But before you do that, since you had problems with excessive slack that started all this, you should do one more step that will reduce and/or eliminate further such issues with "stretch." (Whether or not the cable is physically stretching at all is a contested issue, but it doesn't matter, and either way it's not the main thing causing the slack.) Keeping the shifter in the same highest/slackest position, hang the bike by the seat off a stand or tree or something, and pedal the cranks with one hand while pulling gently on an exposed part of the cable with the other. Once you're in the lowest/largest cog, stop pedaling, stop the rear wheel from spinning and pull hard on the cable. Let go, pedal again to get the chain back down to the high gear, and see if you've created slack in the cable. If so, that's a good thing, because it would have happened eventually anyway. If there is slack then take it out by repeating the above re-anchoring procedure.

At this point, dial in the shifting with the barrel adjusters so that it shifts smoothly with minimal hesitation in both directions, and you should be set.

  • I did as you suggested and it almost worked. I adjusted Barrel Adjuster to make the indexing almost perfect, but I could prevent it from skipping a cog when shifting back and forth no matter how much I played with it. Lastly, I shifted to the biggest/easiest cog, and now it don't shift down again. It was working almost perfect until I shifted to the biggest/easiest cog. Is there something special about the biggest cog might cause this?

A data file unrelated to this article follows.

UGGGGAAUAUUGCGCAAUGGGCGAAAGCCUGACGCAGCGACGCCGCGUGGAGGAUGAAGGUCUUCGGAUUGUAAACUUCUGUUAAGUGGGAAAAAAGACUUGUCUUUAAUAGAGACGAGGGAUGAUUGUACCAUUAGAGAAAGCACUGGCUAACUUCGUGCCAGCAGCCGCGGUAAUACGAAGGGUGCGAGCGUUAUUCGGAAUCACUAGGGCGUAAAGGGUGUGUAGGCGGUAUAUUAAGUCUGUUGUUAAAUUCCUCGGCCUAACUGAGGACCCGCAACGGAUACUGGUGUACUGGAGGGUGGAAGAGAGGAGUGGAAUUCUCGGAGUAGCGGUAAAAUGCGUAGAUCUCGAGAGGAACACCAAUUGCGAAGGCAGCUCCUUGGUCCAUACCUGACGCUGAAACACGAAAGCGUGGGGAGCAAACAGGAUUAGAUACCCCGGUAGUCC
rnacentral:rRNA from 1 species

– Arya
    Commented Oct 30, 2016 at 20:05
  • @Arya It sounds like you either have a misaligned detailer hanger or some cable friction that's keeping it from being perfect. Also your b-tension screw (the other one on the derailer aside from the hi/low screws) being too far out can cause that issue with shifting out of the big cog. Commented Oct 30, 2016 at 21:34

Mainly if your cable is too loose, you should tighten it with the screw at the derailleur bottom.
From your comment about shifting gears, i guess that it's the time to you to replace the cable (thou on the pic it looks pretty nice). The cable can stick (not shift down) because of two reasons: 1) it's dirty (or rusty on cheap cables), 2) it's bent. In the first case you can try to clean it with wd40 (to do it you have to remove the cable housing from the bosses, and spray the wd40 into the housing). In the second case you should get all the housings off, and examine the cable for bents that inside the housings, and that's almost equivalent to replace the cable (but with no cost, and potentially it will not work).

  • I sprayed throughout the derailler with WD-40, but have not yet removed the housings and sprayed therein. It made the bike less noisy, but did not fix the problem with downshifting. Also, there do not seem to be any unusual bends along the cable. I don't know about the inside of the housing yet.
    – Arya
    Commented Oct 30, 2016 at 20:10

I believe that you should increase tension of the rear derailleur cable by untightening the nut on the derailleur and pulling the cable with fair power while locking it back. You should only do that when the chain is in the smallest cog on the cassette and the bolt for the cable is all screwed in. After that if needed adjust the high and low bolts and the third bolt that is for the distance of the derailleur to the cassette. This distance should be around 6mm. Also unscrew the bolt of the cable if gear shifting is of poor quality.